STILLPOINT Archive: last updated 08/07/2009

Making Voices Heard

by Heather Smith

Samuel Sennott’s commitment to improving the lives of disabled people began with a life-changing volunteer experience. Caring for babies with cerebral palsy and adults with developmental disabilities at Michael Carter Lisnow Respite Center in Hopkinton, Massachusetts, inspired Sennott (pictured at top right), who graduated from Gordon in 2004 with an education major, to transform others’ lives.

With the help of colleague David Niemeijer, Sennott has recently released an application for the iPod Touch or iPhone that provides a complete communication system for the disabled. Created specifically for those with little or no ability to speak, the Proloquo2Go will revolutionize the way that autism, stroke, Down syndrome, cerebral palsy, and Lou Gehrig’s Disease patients live.

Proloquo2Go lives up to its name (proloquo means “speak out loud” in Latin) with close to 8,000 symbols that prompt text-to-speech communication for voicing needs, wants, greetings and comments. Users can easily chat with friends, answer questions or tell stories using given phrases or typing their own with the small hand-held device.

VocaSpace, Sennott’s innovative vocabulary, provides a default word base of 7,000 with full expandability. Featuring automatic verb conjugation, automatic plurals and possessives for nouns, and a one-button addition of new vocabulary words, VocaSpace allows users of all ages to fully express themselves.

In addition to basic and expansive vocabulary, Proloquo2Go also includes a MySpace feature which allows users to choose personal vocabulary buttons to communicate food and clothing choices, medical needs, music preferences and fun things to do.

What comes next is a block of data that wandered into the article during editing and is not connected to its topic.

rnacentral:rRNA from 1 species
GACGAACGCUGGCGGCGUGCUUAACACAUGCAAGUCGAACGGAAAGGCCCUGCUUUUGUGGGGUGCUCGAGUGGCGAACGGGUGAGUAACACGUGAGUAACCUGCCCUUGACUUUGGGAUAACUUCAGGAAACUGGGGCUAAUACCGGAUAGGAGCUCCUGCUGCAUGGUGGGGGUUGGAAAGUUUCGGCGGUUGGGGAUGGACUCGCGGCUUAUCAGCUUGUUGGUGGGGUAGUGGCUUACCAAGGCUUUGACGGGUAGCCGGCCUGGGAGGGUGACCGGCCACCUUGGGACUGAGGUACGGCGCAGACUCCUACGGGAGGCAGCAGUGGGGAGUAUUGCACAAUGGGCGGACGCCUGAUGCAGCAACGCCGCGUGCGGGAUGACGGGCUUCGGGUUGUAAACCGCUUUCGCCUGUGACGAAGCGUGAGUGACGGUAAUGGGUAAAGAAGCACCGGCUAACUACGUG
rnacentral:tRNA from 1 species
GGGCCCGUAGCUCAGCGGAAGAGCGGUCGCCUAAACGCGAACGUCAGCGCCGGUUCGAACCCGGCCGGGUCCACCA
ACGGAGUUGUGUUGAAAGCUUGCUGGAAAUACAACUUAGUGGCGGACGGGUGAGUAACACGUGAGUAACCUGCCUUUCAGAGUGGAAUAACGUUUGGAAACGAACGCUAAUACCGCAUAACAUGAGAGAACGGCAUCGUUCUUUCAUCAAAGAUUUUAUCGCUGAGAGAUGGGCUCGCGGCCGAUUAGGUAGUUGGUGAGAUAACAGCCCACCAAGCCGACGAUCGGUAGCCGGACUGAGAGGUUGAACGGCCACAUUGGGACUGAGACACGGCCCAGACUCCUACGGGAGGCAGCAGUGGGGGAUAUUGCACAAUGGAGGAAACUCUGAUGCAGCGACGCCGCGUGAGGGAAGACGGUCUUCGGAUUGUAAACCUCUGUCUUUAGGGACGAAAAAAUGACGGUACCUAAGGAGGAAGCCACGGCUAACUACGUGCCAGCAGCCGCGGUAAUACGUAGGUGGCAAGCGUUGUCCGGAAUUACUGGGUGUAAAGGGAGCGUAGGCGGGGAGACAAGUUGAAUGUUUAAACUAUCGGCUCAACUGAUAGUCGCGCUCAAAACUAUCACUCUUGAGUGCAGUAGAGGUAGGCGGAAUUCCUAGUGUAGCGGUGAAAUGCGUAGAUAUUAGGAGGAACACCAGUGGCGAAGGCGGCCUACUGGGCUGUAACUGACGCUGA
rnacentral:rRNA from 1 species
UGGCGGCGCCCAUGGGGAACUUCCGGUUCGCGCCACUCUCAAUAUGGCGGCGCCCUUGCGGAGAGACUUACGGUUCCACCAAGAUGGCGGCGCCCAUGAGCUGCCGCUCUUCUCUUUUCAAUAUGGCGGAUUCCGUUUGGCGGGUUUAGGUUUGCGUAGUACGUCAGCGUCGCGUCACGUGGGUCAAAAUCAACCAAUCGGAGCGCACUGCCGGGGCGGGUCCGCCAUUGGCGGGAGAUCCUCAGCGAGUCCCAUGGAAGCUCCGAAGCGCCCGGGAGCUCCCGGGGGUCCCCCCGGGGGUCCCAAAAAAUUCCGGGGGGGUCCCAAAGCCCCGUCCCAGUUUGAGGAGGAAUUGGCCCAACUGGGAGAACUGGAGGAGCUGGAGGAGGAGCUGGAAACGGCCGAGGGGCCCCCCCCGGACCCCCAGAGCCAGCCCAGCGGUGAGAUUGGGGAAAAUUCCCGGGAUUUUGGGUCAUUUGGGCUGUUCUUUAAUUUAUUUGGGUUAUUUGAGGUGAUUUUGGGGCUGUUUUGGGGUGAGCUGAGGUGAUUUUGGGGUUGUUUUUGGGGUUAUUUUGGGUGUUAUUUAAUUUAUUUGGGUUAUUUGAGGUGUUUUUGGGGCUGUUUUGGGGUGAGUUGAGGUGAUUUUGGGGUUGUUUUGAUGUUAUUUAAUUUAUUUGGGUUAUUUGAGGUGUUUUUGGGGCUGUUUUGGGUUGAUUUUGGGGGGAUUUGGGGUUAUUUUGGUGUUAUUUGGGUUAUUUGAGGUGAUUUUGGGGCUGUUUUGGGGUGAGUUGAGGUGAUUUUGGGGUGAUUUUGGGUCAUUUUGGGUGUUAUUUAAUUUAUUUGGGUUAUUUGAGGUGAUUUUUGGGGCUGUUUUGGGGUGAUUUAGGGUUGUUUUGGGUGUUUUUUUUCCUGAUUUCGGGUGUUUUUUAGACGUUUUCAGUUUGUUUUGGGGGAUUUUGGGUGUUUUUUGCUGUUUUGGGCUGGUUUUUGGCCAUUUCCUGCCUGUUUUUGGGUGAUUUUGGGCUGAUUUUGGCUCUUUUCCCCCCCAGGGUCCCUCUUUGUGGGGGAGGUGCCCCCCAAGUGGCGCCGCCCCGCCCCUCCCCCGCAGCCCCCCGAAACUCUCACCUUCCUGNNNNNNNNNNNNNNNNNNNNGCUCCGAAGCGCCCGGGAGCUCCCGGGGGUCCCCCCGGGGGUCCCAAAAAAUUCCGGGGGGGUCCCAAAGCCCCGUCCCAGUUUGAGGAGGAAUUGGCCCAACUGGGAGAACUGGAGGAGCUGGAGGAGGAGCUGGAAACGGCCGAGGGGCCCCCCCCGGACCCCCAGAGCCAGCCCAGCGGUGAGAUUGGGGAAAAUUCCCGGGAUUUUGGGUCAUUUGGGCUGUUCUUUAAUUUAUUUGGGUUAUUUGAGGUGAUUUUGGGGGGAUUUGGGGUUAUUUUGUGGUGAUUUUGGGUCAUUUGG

The iPhone/iPod Touch platform is ideal for its size and portability, and it is a cost-effective alternative to more expensive speech-generating devices. The application will soon be enhanced to include more voices and languages.

Sam recalls Dr. Stella Pierce as one of the Gordon faculty members who helped him both learn teaching skills and keep his head up in the process. “One time in particular I had taught a lively, rowdy group of learners for an observed lesson and felt discouraged afterward. She helped me reframe the situation, and communicated that she believed in me. As I have found increasing success with my students and my work, I have often reflected on how key Dr. Pierce’s mentorship was to my formation as a teacher. This level of faculty/student engagement is what makes Gordon such a terrific community.”

After graduating with a dual certification degree in special education and elementary education, Sennott got his first Mac and started teaching. “Seeing how I could leverage good teaching with technology to completely change outcomes for my students made me hungry for knowledge.”

Sennott is currently pursuing a doctorate in special education at Pennsylvania State University, focusing on augmentative communication, literacy, and universal design for learning.

Quotes from “An Interview with Sam Sennott” on the blog Teaching All Students (5/22/09), edited by Patrick Black. Used by permission. More information on the Proloquo2Go is available at and at


Sam Sennott